2 need treatment after rabid bat bites Douglas resident
Nevada Appeal News Service
A Douglas County resident was recently bitten by a rabid bat, according to Nevada State Epidemiologist Randall Todd.
“Our understanding is, one person was bitten and another handled the bat when (the person) pulled it off,” he said. “That means two individuals have had contact and both are recommended to receive prophylaxis, so they don’t contract the disease.”
The bat was caught and forwarded to an animal disease lab in Reno, where the rabies diagnosis was confirmed.
Preventative treatment, which is effective, has been recommended for both parties involved, but Todd said he would not provide any further information because the case is confidential.
Patients are given a single dose of immune globulin to provide protection before the vaccine stimulates the body to build its own immunity, together with a series of vaccines for rabies on the first, third, seventh, 14th, and 28th days after exposure.
Adverse reactions to the vaccine and immune globulin are not common, according to the Centers for Disease Control and Prevention in Atlanta.
“The prophylactic treatment used to be very traumatic,” Todd said. “But it’s just a shot in the arm now.”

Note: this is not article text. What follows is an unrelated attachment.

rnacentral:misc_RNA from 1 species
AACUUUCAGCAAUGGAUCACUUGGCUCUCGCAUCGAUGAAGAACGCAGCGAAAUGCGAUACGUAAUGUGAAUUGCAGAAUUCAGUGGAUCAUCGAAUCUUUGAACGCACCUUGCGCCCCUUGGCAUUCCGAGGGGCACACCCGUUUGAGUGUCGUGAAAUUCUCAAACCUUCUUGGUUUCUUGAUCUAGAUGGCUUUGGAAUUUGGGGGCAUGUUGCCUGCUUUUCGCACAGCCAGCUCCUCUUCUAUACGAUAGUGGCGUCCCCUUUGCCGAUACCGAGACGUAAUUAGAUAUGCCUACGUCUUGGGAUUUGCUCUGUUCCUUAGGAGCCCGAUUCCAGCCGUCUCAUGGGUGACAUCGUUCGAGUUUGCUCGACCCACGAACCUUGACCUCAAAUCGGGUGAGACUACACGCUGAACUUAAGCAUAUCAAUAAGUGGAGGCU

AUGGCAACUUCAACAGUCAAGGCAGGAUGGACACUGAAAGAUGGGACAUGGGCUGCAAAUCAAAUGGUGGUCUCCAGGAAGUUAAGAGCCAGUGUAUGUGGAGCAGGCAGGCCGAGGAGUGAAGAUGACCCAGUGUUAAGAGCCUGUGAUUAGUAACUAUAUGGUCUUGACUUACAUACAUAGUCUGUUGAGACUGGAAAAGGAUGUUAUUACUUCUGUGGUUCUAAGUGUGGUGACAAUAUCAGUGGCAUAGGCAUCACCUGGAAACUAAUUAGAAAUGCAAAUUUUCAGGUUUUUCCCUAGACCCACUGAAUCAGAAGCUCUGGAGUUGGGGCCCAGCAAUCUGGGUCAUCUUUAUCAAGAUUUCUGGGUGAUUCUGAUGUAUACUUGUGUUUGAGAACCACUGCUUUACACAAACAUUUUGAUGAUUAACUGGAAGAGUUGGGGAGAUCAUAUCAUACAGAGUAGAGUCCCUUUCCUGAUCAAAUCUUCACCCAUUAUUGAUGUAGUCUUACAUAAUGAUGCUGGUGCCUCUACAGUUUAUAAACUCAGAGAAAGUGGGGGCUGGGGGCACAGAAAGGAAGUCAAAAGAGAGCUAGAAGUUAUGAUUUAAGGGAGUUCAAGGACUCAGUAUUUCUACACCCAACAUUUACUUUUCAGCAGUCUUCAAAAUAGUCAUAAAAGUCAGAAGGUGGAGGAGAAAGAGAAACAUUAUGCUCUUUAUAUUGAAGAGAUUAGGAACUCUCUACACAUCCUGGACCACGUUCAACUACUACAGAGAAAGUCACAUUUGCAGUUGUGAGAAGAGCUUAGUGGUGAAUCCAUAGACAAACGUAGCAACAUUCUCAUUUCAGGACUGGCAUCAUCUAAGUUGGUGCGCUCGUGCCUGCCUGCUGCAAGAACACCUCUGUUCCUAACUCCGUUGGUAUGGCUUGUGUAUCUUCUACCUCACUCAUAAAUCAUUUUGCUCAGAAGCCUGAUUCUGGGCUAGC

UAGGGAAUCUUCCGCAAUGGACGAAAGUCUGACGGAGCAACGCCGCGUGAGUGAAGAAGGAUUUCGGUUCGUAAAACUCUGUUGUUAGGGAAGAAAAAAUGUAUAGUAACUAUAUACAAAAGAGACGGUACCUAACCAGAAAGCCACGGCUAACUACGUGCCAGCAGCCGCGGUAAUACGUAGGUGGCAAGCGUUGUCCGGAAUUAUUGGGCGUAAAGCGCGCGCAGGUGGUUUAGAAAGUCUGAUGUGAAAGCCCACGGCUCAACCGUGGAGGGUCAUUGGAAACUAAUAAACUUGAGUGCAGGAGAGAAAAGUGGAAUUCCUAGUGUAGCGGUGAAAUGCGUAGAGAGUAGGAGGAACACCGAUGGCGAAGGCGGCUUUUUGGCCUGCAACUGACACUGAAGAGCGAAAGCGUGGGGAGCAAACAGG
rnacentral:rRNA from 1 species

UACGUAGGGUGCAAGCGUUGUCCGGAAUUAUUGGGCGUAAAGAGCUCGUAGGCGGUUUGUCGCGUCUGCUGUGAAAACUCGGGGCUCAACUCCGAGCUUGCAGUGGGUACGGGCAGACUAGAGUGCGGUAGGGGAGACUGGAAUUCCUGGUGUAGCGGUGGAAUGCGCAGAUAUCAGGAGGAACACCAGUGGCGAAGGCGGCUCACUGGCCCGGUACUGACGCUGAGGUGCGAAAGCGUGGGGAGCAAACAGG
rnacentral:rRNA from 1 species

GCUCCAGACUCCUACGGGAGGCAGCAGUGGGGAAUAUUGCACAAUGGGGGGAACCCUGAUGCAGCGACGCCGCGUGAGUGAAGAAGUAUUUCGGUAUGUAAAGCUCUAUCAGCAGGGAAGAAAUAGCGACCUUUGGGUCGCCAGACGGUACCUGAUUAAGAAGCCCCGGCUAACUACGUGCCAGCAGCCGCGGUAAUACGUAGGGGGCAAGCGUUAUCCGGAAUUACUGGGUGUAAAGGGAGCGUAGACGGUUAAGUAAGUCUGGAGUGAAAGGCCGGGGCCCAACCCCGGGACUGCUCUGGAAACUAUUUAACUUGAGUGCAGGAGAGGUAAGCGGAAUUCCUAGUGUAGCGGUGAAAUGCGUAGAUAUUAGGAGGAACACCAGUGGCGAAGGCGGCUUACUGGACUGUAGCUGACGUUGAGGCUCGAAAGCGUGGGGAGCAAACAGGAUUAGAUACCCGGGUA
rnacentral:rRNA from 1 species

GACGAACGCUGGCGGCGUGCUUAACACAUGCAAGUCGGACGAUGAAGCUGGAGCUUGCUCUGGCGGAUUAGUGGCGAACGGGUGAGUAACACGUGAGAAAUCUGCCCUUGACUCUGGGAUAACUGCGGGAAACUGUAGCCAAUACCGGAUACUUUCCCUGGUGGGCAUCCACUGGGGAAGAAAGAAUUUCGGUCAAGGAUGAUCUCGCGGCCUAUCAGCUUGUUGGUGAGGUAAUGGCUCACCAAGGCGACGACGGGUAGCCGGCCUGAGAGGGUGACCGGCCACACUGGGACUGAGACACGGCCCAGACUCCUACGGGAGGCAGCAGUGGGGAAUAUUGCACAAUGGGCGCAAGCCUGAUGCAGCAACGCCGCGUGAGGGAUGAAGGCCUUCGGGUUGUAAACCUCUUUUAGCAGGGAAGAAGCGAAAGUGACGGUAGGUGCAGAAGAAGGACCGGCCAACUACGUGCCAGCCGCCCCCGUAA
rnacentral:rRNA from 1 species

There is some evidence that humans are not as susceptible as other species to the disease but when acquired, this acute encephalitis is fatal, Todd said.
“This can be very worrisome,” he said. “People become overly concerned, when in fact, bats are very important ecologically. The bats here are insect-eating, so they help keep that population under control.”
The disease is rare in the United States. Only 57 people have died of rabies since 1958. Thirty-five of those cases were contracted in the home, Todd said.
He recommends keeping bats out of the home by screening any apertures they may enter, like chimneys or vents.
Human fatalities from the disease occur in people who fail to seek medical help, usually because they were unaware of their exposure, according to the Centers for Disease Control.
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